diyAudio Member

Join Date: Nov 2007
Quote:
 Originally Posted by Arnulf It was my assumption that you meant that ceteris paribus. Your question (thread subject) would make no sense otherwise as the answer could be simple: use higher B+.
Sorry, this comes from discussions I had in other places where it was suggested that I would get better results with choke load than CCS and higher voltage. I presented my results (1.2%THD at 200Vrms) and asked if it could be improved upon.

I couldn't see a choke would be an improvement as plate load impedance would be low at low frequencies. In fact, I can't see any way to get 200Vrms out of any smallish (<10W) tube at 20Hz. I just have to start at too high of a voltage and too high of a current. Plus, the CCS is just a lot cheaper than a choke. I am willing to do whatever it takes within reason to get good performance.

So, back to my original question: Did I mess up conceptually here? This will clip at 90V swing in the positive direction, right?

diyAudio Member

Join Date: Nov 2007
Quote:
 Originally Posted by dsavitsk Why are you running the tube at such an odd point? It isn't linear, and it will clip. So, bias it at, say, -7V running at ~225V on the plate. You have 14Vp-p on the input without driving the grid positive, and with a mu of ~20 you should get close to 280Vp-p. Oh, and don't forget that the next stage is in || with the choke, so the choke is not a load, and the load line is not nearly as flat as you think. Edit: and Electra-Print will sell you fine chokes for less than half the cost of the Lundahls.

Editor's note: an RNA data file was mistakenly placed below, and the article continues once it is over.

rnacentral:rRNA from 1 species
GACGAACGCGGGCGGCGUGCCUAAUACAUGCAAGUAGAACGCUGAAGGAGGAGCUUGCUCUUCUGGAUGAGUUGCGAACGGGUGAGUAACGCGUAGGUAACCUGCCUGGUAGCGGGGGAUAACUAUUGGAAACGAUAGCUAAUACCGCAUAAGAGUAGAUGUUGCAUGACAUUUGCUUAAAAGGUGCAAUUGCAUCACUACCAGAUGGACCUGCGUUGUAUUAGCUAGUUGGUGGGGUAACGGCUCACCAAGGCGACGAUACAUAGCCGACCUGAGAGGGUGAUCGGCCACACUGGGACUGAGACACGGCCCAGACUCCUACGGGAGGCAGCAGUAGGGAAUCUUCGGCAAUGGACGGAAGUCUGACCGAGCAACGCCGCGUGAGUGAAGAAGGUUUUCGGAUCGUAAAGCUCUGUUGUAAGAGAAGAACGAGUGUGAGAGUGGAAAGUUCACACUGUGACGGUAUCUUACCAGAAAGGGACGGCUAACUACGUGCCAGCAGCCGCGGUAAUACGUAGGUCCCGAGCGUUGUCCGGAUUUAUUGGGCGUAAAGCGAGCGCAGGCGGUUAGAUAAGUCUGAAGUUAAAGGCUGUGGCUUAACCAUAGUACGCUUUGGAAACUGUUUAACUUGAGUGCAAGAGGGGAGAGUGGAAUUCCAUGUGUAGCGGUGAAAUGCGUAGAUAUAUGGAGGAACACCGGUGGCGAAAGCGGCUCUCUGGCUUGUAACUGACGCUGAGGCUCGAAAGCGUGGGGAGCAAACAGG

The answer is that I want 200Vrms(570Vpk-pk) or better with less distortion than I am getting with the 6SN7 if possible.

My following stage is 1M || 5.5pF(source follower), not much of a load, but it will swamp the choke's impedance on the very HF side. Load line should be pretty flat compared to how others would use a choke, driving a power tube grid resistor directly.

This was a hypothetical last voltage amplifier for a circlotron amp that may be built some day. If I were going to build a circlotron (a complex and costly endeavor) I would spare no expense on the driver as it will be the most significant source of distortion in the amp. If I have to go A2 on a driver stage, so be it. Mosfets are cheap.

dsavitsk
diyAudio Member

Join Date: Jan 2005
Location: Hartford
Quote:
 Originally Posted by SpreadSpectrum However, at 20Hz XL = about 7.5k. I was hoping to get 200Vrms out of this and am disappointed that it seems I will clip at low frequencies at levels much lower than this.
Quote:
 Originally Posted by SpreadSpectrum In fact, I can't see any way to get 200Vrms out of any smallish (<10W) tube at 20Hz. I just have to start at too high of a voltage and too high of a current.
W=V^2/R

V is 200 and R, at 20Hz, is 7.5K.

You are asking your tube that can dissipate 5W per side to output 5.3W at 20Hz.